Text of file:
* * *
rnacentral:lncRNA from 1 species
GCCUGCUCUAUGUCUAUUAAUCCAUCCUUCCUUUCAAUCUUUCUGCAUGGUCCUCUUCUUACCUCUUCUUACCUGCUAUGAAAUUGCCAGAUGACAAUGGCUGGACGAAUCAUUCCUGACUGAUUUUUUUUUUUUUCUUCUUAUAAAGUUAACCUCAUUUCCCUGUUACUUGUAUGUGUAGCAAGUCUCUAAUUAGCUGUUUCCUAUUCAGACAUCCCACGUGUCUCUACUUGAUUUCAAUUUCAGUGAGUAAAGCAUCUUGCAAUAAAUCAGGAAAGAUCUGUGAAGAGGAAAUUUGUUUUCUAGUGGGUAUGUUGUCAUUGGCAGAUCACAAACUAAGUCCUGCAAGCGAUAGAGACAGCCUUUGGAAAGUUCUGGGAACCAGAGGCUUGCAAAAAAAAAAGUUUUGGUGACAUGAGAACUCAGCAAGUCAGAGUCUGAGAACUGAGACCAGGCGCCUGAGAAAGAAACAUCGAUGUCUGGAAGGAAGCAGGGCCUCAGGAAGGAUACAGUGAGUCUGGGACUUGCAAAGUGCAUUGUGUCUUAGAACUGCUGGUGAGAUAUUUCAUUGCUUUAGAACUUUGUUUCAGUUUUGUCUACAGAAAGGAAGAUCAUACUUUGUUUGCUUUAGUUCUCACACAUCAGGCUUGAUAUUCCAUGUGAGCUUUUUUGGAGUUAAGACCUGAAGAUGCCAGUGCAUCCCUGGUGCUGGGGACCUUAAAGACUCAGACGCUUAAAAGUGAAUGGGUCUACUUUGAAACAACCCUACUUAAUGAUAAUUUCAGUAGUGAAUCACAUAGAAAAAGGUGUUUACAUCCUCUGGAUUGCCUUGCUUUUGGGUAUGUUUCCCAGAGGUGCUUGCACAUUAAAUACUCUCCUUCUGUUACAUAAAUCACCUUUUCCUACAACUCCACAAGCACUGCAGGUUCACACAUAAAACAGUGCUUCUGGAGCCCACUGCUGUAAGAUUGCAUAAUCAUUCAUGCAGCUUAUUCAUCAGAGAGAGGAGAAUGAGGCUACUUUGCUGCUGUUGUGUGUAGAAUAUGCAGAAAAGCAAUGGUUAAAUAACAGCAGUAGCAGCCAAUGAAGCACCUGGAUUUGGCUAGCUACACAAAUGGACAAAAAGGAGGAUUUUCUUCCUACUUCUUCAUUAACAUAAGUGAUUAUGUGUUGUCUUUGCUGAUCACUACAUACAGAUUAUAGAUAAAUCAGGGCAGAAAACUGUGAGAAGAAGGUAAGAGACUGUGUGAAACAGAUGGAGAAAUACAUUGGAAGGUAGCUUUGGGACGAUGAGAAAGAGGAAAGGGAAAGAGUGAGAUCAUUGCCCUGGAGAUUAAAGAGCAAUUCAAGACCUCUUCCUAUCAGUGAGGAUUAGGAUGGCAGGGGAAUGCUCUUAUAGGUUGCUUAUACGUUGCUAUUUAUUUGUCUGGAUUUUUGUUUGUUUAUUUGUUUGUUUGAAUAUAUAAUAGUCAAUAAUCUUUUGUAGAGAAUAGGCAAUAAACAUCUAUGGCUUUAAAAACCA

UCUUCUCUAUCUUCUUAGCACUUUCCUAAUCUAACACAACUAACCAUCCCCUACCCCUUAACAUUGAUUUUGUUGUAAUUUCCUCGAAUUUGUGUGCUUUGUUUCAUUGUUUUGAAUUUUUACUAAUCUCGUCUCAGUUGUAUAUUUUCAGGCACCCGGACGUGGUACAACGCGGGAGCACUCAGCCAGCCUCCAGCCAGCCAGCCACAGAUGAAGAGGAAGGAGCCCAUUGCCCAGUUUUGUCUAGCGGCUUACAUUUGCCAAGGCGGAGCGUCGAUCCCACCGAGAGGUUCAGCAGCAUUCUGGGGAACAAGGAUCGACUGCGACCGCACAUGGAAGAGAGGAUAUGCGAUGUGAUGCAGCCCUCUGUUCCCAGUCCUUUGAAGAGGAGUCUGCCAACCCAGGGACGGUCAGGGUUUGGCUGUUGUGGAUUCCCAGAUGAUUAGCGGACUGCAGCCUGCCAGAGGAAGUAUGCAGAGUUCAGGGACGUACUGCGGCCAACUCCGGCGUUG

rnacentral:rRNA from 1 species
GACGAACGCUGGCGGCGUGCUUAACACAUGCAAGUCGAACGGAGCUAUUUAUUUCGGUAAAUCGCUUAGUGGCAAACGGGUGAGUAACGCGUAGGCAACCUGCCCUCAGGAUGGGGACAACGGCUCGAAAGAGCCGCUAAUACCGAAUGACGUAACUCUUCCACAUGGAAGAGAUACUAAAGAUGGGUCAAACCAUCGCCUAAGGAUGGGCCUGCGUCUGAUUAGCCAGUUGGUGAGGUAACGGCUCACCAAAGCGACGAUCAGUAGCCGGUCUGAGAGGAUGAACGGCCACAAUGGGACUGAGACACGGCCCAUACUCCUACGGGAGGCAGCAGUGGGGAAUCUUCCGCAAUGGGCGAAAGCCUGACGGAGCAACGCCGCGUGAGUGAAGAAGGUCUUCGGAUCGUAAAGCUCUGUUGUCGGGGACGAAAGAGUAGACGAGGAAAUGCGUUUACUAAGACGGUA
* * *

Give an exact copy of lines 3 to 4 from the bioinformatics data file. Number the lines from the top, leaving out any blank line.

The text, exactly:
UCUUCUCUAUCUUCUUAGCACUUUCCUAAUCUAACACAACUAACCAUCCCCUACCCCUUAACAUUGAUUUUGUUGUAAUUUCCUCGAAUUUGUGUGCUUUGUUUCAUUGUUUUGAAUUUUUACUAAUCUCGUCUCAGUUGUAUAUUUUCAGGCACCCGGACGUGGUACAACGCGGGAGCACUCAGCCAGCCUCCAGCCAGCCAGCCACAGAUGAAGAGGAAGGAGCCCAUUGCCCAGUUUUGUCUAGCGGCUUACAUUUGCCAAGGCGGAGCGUCGAUCCCACCGAGAGGUUCAGCAGCAUUCUGGGGAACAAGGAUCGACUGCGACCGCACAUGGAAGAGAGGAUAUGCGAUGUGAUGCAGCCCUCUGUUCCCAGUCCUUUGAAGAGGAGUCUGCCAACCCAGGGACGGUCAGGGUUUGGCUGUUGUGGAUUCCCAGAUGAUUAGCGGACUGCAGCCUGCCAGAGGAAGUAUGCAGAGUUCAGGGACGUACUGCGGCCAACUCCGGCGUUG

rnacentral:rRNA from 1 species